As someone who’s been working remotely for about as long as it’s been possible, my goal with this post is to tell you how to prepare yourself to get your first serious remote gig. Today, I work for a company called Turing.com that places developers with opportunities all over the globe. We have some of the most advanced developer testing and vetting of any company globally. What I’m about to share with you are vital insights I’ve developed first, as a person that’s gone through Turing’s testing and vetting process as well as someone that now works on making that process even more challenging and better.

But first, let’s answer some of those burning questions you may have about software development and working remotely.

What is a remote software developer?

A remote software developer carries out the same tasks and duties that a non-remote software developer would. He or she surveys a particular customer’s unique needs and then builds, tests, and improves upon software to help meet those needs. The most notable difference between the two is that a remote software engineer performs their duties from the comfort of their own home, while a non-remote developer does so from an office. 

Given the remote nature of their job, it’s typical for such developers to face little to no micro-management and hand-holding in their day-to-day tasks. Going remote also gives developers another important perk: more control over how they spend valuable time. Since this eliminates their daily commute to and fro work, developers can spend their free time as they see fit.

Can you work remotely as a software developer?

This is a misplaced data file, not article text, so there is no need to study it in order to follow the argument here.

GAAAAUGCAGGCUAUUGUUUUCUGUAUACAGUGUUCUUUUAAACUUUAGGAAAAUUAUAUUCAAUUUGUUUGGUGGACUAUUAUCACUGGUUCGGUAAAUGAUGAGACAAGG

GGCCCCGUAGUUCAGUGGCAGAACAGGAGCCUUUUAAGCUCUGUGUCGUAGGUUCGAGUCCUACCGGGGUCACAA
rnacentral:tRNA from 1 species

Yes! Software development is a highly flexible career choice. To work remotely as a software developer, all you’d need is a high-speed internet connection and a decent computer or laptop. Today, more programmers are working from home than ever before. A recent Stack Overflow survey revealed that nearly half of the participating developers worked remotely at least partly. A majority of these developers were regular, full-time employees.

Undoubtedly, remote working is becoming increasingly popular among software developers because of its many perks. Remote work opens up a world of possibilities for developers, including better salaries than local standards, less commuting time, and a healthier work-life balance. 

How much do remote developers make?

It’s no secret that remote workers often make more than non-remote workers do. In general, remote employees earn 7.5% more than non-remote employees who have the same amount of experience and perform the same job. Further, an uncontrolled group study found that remote workers in the technical field earn 39.4% more than non-remote workers, while a controlled study found that they make 3.1% more. 

Is it hard to get a remote programming job?

Getting a remote programming job is decidedly not easy. But, fortunately for developers, in today’s day and age, opportunities are opening up by the dozen. Web development, for instance, ranked in the top 15 on FlexJobs’ list of the most common remote roles. Engineering as a whole ranked 2nd. It’s clear, then, that remote programmers are in demand.

Additionally, platforms like Turing are now making it simpler for developers to find the best remote programming jobs. For instance, developers can score Turing jobs that are full-time and long-term. After you’ve completed your long-term engagement with a customer, Turing seamlessly rematches you with another company. Once you become a Turing developer, you never have to apply for another job again.

Are coding jobs stressful?